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Holiday Treats for Fido

December 15 2016

The holiday season is in full swing! Many people enjoy baking and cooking at this special time of year. After all, those delicious seasonal dishes are a big part of many holiday celebrations. If you have a dog, your canine buddy will likely be paying very close attention to all those yummy goodies. Dog owners need to be very careful with what they offer their pets, however, as many of our favorite foods are toxic to Fido. Here, a Cherry Hill, NJ vet lists some good holiday treats for dogs.

Meat, Fish, and Poultry

Nothing gets that furry tail wagging like a yummy main course! It’s perfectly fine to offer your canine pal some of that turkey, chicken, duck, steak, beef, or fish. Just be sure that Fido’s special dinner is cooked, deboned, and free of skin and fat. You also want to be sure to offer your pooch only plain meat, without spices or seasonings. Hold the gravy, though: it’s too rich for dogs, and could contain unsafe ingredients. However, you can offer your pup some sodium-free broth.

Veggies and Fruits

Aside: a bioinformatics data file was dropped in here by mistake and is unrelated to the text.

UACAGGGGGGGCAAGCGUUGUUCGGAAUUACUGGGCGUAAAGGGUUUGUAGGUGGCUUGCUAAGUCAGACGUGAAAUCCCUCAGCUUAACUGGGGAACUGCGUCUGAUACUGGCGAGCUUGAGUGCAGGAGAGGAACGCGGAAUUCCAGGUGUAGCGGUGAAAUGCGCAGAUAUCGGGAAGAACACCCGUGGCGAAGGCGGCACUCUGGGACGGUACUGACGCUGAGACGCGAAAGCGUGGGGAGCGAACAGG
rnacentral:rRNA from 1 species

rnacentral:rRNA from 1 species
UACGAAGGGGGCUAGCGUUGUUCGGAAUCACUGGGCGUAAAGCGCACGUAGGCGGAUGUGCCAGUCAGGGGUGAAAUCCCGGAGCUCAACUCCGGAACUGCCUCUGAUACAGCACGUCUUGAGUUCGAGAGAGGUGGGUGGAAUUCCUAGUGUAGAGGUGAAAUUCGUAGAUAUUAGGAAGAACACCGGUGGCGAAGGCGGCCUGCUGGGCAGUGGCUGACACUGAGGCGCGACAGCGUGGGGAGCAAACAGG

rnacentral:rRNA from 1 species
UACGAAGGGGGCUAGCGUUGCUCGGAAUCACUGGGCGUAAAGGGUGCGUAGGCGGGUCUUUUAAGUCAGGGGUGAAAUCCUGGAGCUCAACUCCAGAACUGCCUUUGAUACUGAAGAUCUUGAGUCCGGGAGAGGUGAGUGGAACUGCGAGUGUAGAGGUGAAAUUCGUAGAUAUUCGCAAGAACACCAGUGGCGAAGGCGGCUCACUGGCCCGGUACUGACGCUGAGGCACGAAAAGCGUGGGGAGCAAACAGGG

You don’t want to give your dog too many fruits and veggies: after all, Fido is a carnivore. However, these things are fine in small amounts, and can make a great side dish for your canine buddy. Some good dog-safe fruits include bananas, apple slices, blueberries, and strawberries. Cooked, unseasoned pumpkin, potatoes, green beans, squash, carrots, and peas are all safe. As with meat, you want to be sure to give your furry friend his food plain, without toppings, spices, or gravy.

Other Foods

Fido can also have small amounts of other foods, such as cheese, eggs, and peanut butter. If you’re making homemade dog food or treats, you can also add wheat-germ oil, plain yogurt, bacon bits, or whole-wheat flour to your recipe. Ask your vet for specific recommendations.

Dangerous Foods

It’s important to know what foods are dangerous for your furry buddy. Some things to keep away from Fido include chocolate; alcohol; caffeine; nuts; pitted fruits; raw dough, meat, or yeast; grapes, currants, and raisins; and anything containing xylitol. Garlic and onions are also on the no-no list, along with their cousins, scallions and chives. Ask your vet for more information.

Happy Holidays! Please contact us, your Cherry Hill, NJ vet clinic, with any questions about your dog’s health, care, or diet.

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